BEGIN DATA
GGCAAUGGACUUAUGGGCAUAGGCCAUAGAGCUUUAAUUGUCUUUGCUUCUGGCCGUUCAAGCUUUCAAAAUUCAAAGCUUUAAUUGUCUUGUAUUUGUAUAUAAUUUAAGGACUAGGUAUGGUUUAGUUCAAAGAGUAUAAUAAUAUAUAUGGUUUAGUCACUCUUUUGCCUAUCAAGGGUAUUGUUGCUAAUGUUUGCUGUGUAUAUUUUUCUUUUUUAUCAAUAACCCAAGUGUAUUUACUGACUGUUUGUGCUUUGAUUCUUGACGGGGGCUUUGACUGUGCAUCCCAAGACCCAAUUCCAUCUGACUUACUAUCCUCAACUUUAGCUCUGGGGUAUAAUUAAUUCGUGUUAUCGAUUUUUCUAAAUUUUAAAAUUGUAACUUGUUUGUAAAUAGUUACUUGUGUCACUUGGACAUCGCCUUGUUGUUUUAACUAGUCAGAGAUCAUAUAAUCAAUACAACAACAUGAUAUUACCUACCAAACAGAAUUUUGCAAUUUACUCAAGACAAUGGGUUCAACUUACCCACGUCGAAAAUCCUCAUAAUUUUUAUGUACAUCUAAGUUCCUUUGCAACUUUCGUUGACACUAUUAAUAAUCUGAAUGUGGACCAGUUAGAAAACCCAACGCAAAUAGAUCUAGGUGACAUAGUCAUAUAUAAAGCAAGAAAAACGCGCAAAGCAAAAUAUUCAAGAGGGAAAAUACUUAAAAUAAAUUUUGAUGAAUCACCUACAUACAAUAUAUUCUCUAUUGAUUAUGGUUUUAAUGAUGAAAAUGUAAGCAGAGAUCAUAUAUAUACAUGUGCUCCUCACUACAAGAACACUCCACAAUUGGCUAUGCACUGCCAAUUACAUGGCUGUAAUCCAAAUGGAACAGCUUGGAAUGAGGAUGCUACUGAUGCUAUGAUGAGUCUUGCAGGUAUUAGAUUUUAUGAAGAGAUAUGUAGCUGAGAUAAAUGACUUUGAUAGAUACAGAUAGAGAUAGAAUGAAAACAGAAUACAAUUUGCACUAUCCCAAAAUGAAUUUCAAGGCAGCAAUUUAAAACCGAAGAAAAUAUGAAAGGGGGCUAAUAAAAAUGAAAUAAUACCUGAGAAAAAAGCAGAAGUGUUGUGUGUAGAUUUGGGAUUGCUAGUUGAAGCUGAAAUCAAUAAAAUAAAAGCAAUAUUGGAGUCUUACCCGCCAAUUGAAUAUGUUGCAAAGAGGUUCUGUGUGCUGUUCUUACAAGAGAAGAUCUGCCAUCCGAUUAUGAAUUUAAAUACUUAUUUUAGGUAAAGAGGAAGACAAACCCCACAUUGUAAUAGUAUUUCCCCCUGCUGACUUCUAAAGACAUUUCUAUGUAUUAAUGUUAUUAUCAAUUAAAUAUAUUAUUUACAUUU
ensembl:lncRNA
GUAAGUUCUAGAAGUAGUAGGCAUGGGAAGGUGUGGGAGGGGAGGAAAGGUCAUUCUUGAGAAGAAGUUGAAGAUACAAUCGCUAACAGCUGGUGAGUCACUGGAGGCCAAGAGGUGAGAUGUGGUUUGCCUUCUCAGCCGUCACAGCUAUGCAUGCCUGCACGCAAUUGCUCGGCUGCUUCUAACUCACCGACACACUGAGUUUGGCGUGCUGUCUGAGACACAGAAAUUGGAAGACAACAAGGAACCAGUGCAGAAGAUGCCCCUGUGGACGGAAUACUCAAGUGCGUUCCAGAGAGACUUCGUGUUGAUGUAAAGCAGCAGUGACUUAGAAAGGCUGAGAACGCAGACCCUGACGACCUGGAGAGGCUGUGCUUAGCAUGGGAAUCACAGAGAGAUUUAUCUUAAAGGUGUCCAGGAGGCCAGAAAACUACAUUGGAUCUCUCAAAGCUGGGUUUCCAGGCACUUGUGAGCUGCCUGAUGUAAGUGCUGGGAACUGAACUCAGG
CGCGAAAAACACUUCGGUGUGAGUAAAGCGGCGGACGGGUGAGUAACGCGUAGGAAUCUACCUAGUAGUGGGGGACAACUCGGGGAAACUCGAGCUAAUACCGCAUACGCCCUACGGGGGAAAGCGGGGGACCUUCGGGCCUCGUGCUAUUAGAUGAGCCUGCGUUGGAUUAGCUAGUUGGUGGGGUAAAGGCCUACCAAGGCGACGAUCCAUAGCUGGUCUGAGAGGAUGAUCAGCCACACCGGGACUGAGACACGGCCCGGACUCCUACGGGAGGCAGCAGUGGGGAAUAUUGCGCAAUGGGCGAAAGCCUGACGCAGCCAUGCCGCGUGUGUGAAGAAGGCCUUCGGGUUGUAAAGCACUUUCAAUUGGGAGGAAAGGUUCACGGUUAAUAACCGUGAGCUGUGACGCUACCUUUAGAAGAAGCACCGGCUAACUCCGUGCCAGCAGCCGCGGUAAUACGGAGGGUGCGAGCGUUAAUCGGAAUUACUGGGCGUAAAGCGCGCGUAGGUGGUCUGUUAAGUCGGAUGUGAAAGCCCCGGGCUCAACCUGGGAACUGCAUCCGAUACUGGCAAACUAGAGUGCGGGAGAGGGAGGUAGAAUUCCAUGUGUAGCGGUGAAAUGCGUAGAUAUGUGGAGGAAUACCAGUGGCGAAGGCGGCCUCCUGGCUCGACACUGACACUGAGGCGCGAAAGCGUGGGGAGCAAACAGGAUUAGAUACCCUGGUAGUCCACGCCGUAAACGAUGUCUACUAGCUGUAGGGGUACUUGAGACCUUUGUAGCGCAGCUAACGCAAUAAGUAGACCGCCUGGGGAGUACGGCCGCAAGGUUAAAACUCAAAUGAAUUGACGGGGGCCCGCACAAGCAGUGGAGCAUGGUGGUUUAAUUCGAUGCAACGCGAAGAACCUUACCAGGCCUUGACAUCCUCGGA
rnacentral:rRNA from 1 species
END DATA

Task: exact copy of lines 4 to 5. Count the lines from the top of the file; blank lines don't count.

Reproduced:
CGCGAAAAACACUUCGGUGUGAGUAAAGCGGCGGACGGGUGAGUAACGCGUAGGAAUCUACCUAGUAGUGGGGGACAACUCGGGGAAACUCGAGCUAAUACCGCAUACGCCCUACGGGGGAAAGCGGGGGACCUUCGGGCCUCGUGCUAUUAGAUGAGCCUGCGUUGGAUUAGCUAGUUGGUGGGGUAAAGGCCUACCAAGGCGACGAUCCAUAGCUGGUCUGAGAGGAUGAUCAGCCACACCGGGACUGAGACACGGCCCGGACUCCUACGGGAGGCAGCAGUGGGGAAUAUUGCGCAAUGGGCGAAAGCCUGACGCAGCCAUGCCGCGUGUGUGAAGAAGGCCUUCGGGUUGUAAAGCACUUUCAAUUGGGAGGAAAGGUUCACGGUUAAUAACCGUGAGCUGUGACGCUACCUUUAGAAGAAGCACCGGCUAACUCCGUGCCAGCAGCCGCGGUAAUACGGAGGGUGCGAGCGUUAAUCGGAAUUACUGGGCGUAAAGCGCGCGUAGGUGGUCUGUUAAGUCGGAUGUGAAAGCCCCGGGCUCAACCUGGGAACUGCAUCCGAUACUGGCAAACUAGAGUGCGGGAGAGGGAGGUAGAAUUCCAUGUGUAGCGGUGAAAUGCGUAGAUAUGUGGAGGAAUACCAGUGGCGAAGGCGGCCUCCUGGCUCGACACUGACACUGAGGCGCGAAAGCGUGGGGAGCAAACAGGAUUAGAUACCCUGGUAGUCCACGCCGUAAACGAUGUCUACUAGCUGUAGGGGUACUUGAGACCUUUGUAGCGCAGCUAACGCAAUAAGUAGACCGCCUGGGGAGUACGGCCGCAAGGUUAAAACUCAAAUGAAUUGACGGGGGCCCGCACAAGCAGUGGAGCAUGGUGGUUUAAUUCGAUGCAACGCGAAGAACCUUACCAGGCCUUGACAUCCUCGGA
rnacentral:rRNA from 1 species